This morning I posted a festive fall picture on Facebook, in celebration of this weekend’s Canadian Thanksgiving.
It was a pretty enough photo, under which I wrote a few words expressing my sentiments for this season to all my fellow Canadians. Unexpectedly, one of my British friends commented and asked if I remembered our Thanksgiving in Paris.
And instantly I was transported . . .
It was ten years ago to the day. I was 23 and I lived on Boulevard Saint Michel, in a stately old Parisian building that housed an international women’s residence.
We were all in the same predicament in that place; strangers in a strange land. Struggling to learn a new language. Adapting to a culture different than our own. And ever so far away from our loved ones.
Yet, somehow, I was still determined to celebrate Canadian Thanksgiving.
And so I wrote my mother and asked her to ship a box across the Atlantic full of what I considered indispensable supplies: packages of Swiss Chalet dipping sauce (to act as gravy), and boxes of Stove Top Stuffing. Everything else I was sure I could find in Paris. While in the end I was right, I recall paying a princely sum for cranberry sauce at an American grocery store (the size of a thimble) in the Marais.
The lead-up to Thanksgiving was so exciting. I invited all my girlfriends, and one of my male friends from back home (who just happened to be living in the city at the same time). With the exception of my one Canadian friend, everyone else had never celebrated Thanksgiving and they were excited beyond words.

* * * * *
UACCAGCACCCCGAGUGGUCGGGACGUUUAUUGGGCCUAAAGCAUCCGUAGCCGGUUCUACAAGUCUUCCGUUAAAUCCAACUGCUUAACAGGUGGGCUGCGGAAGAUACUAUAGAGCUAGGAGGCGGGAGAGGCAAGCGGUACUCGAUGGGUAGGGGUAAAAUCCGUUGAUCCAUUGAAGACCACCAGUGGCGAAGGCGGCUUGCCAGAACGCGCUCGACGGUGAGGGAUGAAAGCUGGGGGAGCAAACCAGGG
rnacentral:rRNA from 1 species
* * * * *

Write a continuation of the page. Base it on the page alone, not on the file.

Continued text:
Turkeys were not common in Paris, so instead I ordered several large chickens and asked the local butcher to roast them for me. As I prepped the rest of the dinner, I sent my friends to pick-up the chickens for me. I don’t know where those chickens were from (maybe Brest) but the butcher knew they were for Thanksgiving and to this day I am convinced he gave us his very best. The chickens were juicy, the flesh was almost yellow, just fatty enough . . . honestly the best chickens I have ever tasted.
Of course we also needed an apple based dessert. At home, we would have had apple pie but since we were in France, we had tart tatin instead.
It’s been 10 years and my friends still talk about that Thanksgiving. And while the food was indeed delicious, the memories we hold so very dear are about much more than the way things tasted. We were genuinely happy sitting around our makeshift Thanksgiving table. We ate, drank, and laughed the night away . . .
Many thousands of miles from home, I found a family in Paris. The friendships I made during that time have irrevocably marked my life in the best of ways.
And so Thanksgiving 2003 still remains the most memorable Thanksgiving of my life.
Note: The photographs featured in this post are iPhone snaps of photographs I took during that time in Paris. All with the exception of the Eiffel Tower shot, were taken hanging out my window on Boulevard Saint Michel. Also, for those that don’t speak French, the title of this post comes from a lyric of a Patrick Bruel song that speaks of friends meeting ten years down the road (to see what has become of their lives).
Question: Is there a Thanksgiving that stands out in your memory? What makes that particular dinner (or weekend) so memorable?